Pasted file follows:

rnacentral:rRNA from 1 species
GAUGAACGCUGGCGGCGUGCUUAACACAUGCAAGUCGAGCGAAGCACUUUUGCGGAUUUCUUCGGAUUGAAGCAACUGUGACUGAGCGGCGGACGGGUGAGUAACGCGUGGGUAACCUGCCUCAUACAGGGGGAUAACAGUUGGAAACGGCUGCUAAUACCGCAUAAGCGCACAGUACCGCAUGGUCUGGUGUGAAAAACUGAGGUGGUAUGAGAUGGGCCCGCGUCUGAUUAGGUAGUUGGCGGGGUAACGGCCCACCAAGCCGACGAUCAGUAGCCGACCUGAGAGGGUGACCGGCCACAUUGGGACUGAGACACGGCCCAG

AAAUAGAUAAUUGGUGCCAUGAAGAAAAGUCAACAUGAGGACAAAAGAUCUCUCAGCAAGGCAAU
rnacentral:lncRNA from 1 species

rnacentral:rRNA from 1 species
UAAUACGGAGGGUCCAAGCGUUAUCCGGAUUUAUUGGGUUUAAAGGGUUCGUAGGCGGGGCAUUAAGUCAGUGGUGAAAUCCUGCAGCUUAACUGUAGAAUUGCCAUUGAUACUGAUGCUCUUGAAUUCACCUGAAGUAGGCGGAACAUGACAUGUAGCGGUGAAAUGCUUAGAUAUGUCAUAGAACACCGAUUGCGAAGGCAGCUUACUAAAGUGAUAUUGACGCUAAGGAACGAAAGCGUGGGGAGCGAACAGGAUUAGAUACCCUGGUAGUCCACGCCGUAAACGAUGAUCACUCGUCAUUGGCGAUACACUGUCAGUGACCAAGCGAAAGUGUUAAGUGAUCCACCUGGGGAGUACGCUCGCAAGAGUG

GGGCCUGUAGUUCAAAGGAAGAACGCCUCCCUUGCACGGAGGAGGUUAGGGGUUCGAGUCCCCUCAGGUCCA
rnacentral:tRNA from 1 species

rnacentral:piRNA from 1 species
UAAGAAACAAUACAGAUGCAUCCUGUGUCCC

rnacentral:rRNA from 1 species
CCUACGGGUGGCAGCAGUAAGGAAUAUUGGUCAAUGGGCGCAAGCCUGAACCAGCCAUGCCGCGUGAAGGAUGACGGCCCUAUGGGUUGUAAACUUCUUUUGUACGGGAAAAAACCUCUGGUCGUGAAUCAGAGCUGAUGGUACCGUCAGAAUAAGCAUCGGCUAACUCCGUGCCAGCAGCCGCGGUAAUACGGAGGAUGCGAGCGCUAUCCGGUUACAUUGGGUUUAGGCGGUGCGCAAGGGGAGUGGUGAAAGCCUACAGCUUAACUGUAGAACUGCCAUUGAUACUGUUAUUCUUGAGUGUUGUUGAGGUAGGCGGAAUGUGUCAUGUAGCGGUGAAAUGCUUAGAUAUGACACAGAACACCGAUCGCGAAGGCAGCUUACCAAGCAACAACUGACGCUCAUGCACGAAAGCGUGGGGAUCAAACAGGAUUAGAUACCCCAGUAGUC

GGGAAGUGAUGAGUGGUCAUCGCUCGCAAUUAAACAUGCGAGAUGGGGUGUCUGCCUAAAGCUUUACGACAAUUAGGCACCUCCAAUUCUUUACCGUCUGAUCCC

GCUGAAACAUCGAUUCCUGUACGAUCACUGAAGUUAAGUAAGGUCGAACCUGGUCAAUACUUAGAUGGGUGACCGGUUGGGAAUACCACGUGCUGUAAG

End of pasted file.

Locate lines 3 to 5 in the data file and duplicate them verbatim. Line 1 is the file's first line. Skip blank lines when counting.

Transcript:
AAAUAGAUAAUUGGUGCCAUGAAGAAAAGUCAACAUGAGGACAAAAGAUCUCUCAGCAAGGCAAU
rnacentral:lncRNA from 1 species

rnacentral:rRNA from 1 species